Making Games Educational for Your Kids

As a parent of a young one who is starting to game, I have a lot to watch out for. There are ESRB ratings, online interaction and of course, the games themselves. On the other hand, if my oldest truly enjoys gaming, then I am not going to keep him from having a new hobby. When behavior is good and grades are good, moderated gaming is perfectly fine. The other side to it is that gaming can be educational and fun. A parent just needs to know how to make that happen.

 

Your Own Education is the First Step

An educational game like a LeapFrog game is wonderful for younger children. For a pre-teen, an educational game probably isn’t going to keep their attention. They will want to play the more popular titles that are available.

Every title has an ESRB rating. Those ratings are there for a reason. They tell you what age group the game is appropriate for. If a game is eated “T”, I need to take a look at it first and play through it. If a game is rated “M”, it’s not happening until he’s older.

MMORPGs and online titles like Minecraft are iffy. It is up to you to monitor their chat and who they talk to. Anyone in the world could be talking to your kid in those games. A parent needs to learn how to use parental controls, a chat filter and how to supervise online interaction. In my opinion, if you can’t do this, then your kid should not be playing these games.

 

Start with Reading

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Reading to and with your children is so important. They will learn more about reading with you than they will learn in school. Reading books you choose together is also some good family time. Games can also be a reading tool.

Most games require reading. One has to read abilities, quests, information, item information… I could keep going! With my young one, I keep him occupied by asking him to read something to me. If he can’t figure out a word, I get up and go to his screen. We sit there and break the word down until he’s able to sound it out.

After that, I move onto some reading comprehension. If we are playing an MMO like RIFT together, I will ask him “Hey, what did that quest say again? Can you tell me what we need to do?” This keeps it part of the game and engaging, but requires him to recall what he read. If he can’t recall it, I’ll ask him if he can check the quest again.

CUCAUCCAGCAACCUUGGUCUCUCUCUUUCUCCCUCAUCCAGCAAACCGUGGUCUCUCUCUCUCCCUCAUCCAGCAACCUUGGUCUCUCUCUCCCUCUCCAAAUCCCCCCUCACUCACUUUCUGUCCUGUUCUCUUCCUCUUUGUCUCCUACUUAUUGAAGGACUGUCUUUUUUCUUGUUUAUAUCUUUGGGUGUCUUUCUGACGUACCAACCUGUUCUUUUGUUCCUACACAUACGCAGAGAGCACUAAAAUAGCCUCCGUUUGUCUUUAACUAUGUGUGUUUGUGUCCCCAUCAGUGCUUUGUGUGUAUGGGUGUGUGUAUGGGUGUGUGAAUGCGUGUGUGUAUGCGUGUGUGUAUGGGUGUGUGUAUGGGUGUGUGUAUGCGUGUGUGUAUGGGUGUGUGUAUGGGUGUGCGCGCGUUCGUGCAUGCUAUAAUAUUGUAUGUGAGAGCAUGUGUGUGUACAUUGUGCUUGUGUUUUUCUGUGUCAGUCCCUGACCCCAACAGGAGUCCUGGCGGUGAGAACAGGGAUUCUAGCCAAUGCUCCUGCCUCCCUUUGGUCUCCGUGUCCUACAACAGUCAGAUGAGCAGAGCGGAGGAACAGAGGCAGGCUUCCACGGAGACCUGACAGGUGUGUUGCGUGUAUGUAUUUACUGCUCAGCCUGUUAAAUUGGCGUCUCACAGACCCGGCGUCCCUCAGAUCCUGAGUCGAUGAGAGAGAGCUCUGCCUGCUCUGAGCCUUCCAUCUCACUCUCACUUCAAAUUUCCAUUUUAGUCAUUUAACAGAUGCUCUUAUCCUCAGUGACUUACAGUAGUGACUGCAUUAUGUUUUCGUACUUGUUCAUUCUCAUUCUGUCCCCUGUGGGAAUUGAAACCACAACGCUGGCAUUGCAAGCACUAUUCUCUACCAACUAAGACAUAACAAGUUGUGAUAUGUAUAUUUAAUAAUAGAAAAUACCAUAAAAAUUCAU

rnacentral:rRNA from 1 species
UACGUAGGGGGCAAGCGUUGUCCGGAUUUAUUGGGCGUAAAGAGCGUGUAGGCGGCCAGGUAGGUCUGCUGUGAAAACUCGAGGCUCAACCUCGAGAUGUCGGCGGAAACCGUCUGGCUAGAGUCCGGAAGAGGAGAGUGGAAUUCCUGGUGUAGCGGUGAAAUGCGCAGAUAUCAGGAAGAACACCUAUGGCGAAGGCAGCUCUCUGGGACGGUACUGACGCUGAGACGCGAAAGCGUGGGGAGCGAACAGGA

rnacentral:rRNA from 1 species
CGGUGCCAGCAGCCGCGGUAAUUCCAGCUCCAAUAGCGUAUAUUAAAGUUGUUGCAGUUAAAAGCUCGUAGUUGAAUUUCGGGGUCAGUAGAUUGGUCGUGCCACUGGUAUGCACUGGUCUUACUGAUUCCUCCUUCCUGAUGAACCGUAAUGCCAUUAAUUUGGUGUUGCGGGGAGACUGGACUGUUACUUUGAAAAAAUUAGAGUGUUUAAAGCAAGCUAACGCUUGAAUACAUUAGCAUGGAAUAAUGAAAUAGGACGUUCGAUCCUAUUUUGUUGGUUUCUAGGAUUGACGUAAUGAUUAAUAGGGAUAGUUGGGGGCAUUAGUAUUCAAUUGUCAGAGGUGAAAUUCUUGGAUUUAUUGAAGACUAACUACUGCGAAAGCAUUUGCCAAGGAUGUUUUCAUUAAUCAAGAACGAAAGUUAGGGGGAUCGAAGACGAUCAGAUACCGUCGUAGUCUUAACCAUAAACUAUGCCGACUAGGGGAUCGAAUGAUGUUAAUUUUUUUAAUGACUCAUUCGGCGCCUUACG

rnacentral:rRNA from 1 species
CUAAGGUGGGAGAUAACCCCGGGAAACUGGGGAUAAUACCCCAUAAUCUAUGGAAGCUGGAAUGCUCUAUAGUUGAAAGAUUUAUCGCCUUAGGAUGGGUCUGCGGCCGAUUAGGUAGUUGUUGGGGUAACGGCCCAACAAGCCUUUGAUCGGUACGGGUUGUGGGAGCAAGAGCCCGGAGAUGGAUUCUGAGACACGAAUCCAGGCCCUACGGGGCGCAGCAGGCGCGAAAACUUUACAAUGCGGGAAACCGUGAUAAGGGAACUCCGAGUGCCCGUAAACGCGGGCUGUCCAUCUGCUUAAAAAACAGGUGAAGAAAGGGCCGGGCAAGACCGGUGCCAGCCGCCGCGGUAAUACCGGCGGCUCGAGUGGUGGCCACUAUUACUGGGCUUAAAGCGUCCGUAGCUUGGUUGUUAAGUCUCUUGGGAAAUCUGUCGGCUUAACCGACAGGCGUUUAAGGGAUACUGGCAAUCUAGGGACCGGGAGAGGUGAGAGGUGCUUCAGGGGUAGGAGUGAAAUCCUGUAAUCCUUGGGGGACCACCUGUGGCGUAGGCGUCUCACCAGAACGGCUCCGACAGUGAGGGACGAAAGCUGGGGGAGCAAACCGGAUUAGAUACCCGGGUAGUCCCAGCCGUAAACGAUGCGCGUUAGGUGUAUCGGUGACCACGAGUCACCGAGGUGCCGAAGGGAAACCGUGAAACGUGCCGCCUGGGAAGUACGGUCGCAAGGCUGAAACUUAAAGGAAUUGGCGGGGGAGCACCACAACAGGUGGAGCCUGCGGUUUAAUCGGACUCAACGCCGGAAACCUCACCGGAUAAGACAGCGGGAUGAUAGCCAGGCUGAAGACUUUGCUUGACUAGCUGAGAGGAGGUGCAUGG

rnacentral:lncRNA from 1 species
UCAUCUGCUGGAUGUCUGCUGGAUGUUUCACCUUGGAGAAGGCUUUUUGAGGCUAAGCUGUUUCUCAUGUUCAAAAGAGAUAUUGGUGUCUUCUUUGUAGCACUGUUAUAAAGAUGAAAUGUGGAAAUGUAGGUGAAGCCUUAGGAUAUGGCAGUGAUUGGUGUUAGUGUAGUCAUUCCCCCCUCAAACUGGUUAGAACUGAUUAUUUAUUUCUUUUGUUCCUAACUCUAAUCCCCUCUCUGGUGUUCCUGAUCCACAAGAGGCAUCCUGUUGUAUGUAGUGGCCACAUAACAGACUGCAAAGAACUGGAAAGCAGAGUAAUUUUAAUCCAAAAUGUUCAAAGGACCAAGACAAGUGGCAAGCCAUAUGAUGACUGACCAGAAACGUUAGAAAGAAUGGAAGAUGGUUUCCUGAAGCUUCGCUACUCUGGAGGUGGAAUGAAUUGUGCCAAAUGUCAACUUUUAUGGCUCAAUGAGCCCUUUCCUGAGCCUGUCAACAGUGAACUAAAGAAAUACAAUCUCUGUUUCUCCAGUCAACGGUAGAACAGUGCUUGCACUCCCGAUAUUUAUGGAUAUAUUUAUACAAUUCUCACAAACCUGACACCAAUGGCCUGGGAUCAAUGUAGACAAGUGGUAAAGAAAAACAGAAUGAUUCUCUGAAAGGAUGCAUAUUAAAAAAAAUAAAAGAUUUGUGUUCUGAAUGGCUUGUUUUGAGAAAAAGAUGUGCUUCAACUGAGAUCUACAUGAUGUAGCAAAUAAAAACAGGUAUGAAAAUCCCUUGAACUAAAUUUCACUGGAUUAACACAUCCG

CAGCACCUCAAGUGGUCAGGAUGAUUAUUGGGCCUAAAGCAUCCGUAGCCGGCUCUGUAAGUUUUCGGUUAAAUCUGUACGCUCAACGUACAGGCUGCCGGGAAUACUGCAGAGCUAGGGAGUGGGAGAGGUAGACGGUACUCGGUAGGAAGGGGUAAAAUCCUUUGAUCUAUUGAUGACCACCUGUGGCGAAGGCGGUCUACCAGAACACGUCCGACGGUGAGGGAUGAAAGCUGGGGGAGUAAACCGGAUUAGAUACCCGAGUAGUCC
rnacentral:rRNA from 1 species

Move on to Math

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Almost every game a kid can play will require math. For my young one, it’s Minecraft and some MMOs. An auction house is a great place to start for some basic math. I don’t ask him to solve complicated problems, but I will use it to drill him on some basic math.

If he puts an item up on an auction house, I’ll ask him how much it goes for and create a quick problem in my head for him to solve. In Minecraft, we will be working on a build and I’ll ask him how many more blocks of an item I need.

Minecraft has a great way to create some math problems without the kid knowing what you are doing. I will start building a house or a project and lay out my blocks, but only half of them. I call him over and ask him “What other block should we use? How many do we need?” Or, I will put one too many blocks or layers in and ask him “How many do I need to remove?”

 

Problem Solving and Creativity is Always Present

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In RIFT, my young one could spend all day building a dimension. RIFT‘s housing system is very robust. It requires a lot of thought to build a good dimension. When he’s in his dimension building away, I might leave and go quest, but I always keep myself available.

I’ll often pop back in and check on progress. If he’s having an issue, I’ll encourage him to solve it on his own. What’s going on here? How do you think you can fix this problem? What else might fix it? If he’s “stuck” then I’ll help with suggestions. Sometimes, I’m stuck too! I think it’s OK to admit that and call in some outside help from a friend.

When we play World of Warcraft together, he sometimes gets “lost” on a quest. Again, I make sure to ask him to read and recall what he’s read. If he’s still a bit lost, I bring up questions to help him remember. I try my best to leave the problem solving to him.

Every single game we play together encourages some creativity. In RIFT, it’s his dimension build. The two of us decided last December to build a dimension based on “How the Grinch Stole Christmas”. It took us months to finish the build, but we created our little slice of “Whoville” after the Grinch was “happy again”.

Minecraft adds a huge element of creativity. Even though I try to keep the educational elements going, sometimes I just tell him to go build. It’s amazing what he comes up with in Minecraft.

Games can be educational, but they are also fun. And that’s the main point of playing a game with your kid. Make sure you are educated and that it’s always fun and encourages creativity. If you can manage that, the educational aspect will come along easy.

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